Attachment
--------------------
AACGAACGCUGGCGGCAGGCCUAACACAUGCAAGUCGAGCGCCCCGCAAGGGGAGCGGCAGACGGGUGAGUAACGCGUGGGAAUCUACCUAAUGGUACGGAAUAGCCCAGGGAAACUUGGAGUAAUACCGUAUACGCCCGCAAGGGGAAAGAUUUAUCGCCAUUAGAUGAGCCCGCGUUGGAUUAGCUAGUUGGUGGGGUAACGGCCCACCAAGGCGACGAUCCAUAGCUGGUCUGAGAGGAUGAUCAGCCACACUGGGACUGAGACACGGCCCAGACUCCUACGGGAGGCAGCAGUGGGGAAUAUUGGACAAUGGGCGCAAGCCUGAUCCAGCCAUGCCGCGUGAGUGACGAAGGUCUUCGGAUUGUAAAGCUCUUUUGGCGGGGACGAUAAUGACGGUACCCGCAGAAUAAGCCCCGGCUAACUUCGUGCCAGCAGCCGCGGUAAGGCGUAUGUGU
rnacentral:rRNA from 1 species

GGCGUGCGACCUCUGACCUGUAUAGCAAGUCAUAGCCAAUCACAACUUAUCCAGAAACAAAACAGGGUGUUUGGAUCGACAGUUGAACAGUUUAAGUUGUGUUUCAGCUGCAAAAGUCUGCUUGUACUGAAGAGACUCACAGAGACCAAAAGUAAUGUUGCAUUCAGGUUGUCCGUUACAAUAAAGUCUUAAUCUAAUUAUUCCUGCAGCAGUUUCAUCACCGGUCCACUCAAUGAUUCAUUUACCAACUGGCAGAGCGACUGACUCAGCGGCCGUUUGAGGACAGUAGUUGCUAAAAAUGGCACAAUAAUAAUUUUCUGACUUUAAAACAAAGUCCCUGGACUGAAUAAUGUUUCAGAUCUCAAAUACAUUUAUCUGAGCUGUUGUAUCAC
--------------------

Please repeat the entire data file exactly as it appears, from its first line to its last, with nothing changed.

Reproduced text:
AACGAACGCUGGCGGCAGGCCUAACACAUGCAAGUCGAGCGCCCCGCAAGGGGAGCGGCAGACGGGUGAGUAACGCGUGGGAAUCUACCUAAUGGUACGGAAUAGCCCAGGGAAACUUGGAGUAAUACCGUAUACGCCCGCAAGGGGAAAGAUUUAUCGCCAUUAGAUGAGCCCGCGUUGGAUUAGCUAGUUGGUGGGGUAACGGCCCACCAAGGCGACGAUCCAUAGCUGGUCUGAGAGGAUGAUCAGCCACACUGGGACUGAGACACGGCCCAGACUCCUACGGGAGGCAGCAGUGGGGAAUAUUGGACAAUGGGCGCAAGCCUGAUCCAGCCAUGCCGCGUGAGUGACGAAGGUCUUCGGAUUGUAAAGCUCUUUUGGCGGGGACGAUAAUGACGGUACCCGCAGAAUAAGCCCCGGCUAACUUCGUGCCAGCAGCCGCGGUAAGGCGUAUGUGU
rnacentral:rRNA from 1 species

GGCGUGCGACCUCUGACCUGUAUAGCAAGUCAUAGCCAAUCACAACUUAUCCAGAAACAAAACAGGGUGUUUGGAUCGACAGUUGAACAGUUUAAGUUGUGUUUCAGCUGCAAAAGUCUGCUUGUACUGAAGAGACUCACAGAGACCAAAAGUAAUGUUGCAUUCAGGUUGUCCGUUACAAUAAAGUCUUAAUCUAAUUAUUCCUGCAGCAGUUUCAUCACCGGUCCACUCAAUGAUUCAUUUACCAACUGGCAGAGCGACUGACUCAGCGGCCGUUUGAGGACAGUAGUUGCUAAAAAUGGCACAAUAAUAAUUUUCUGACUUUAAAACAAAGUCCCUGGACUGAAUAAUGUUUCAGAUCUCAAAUACAUUUAUCUGAGCUGUUGUAUCAC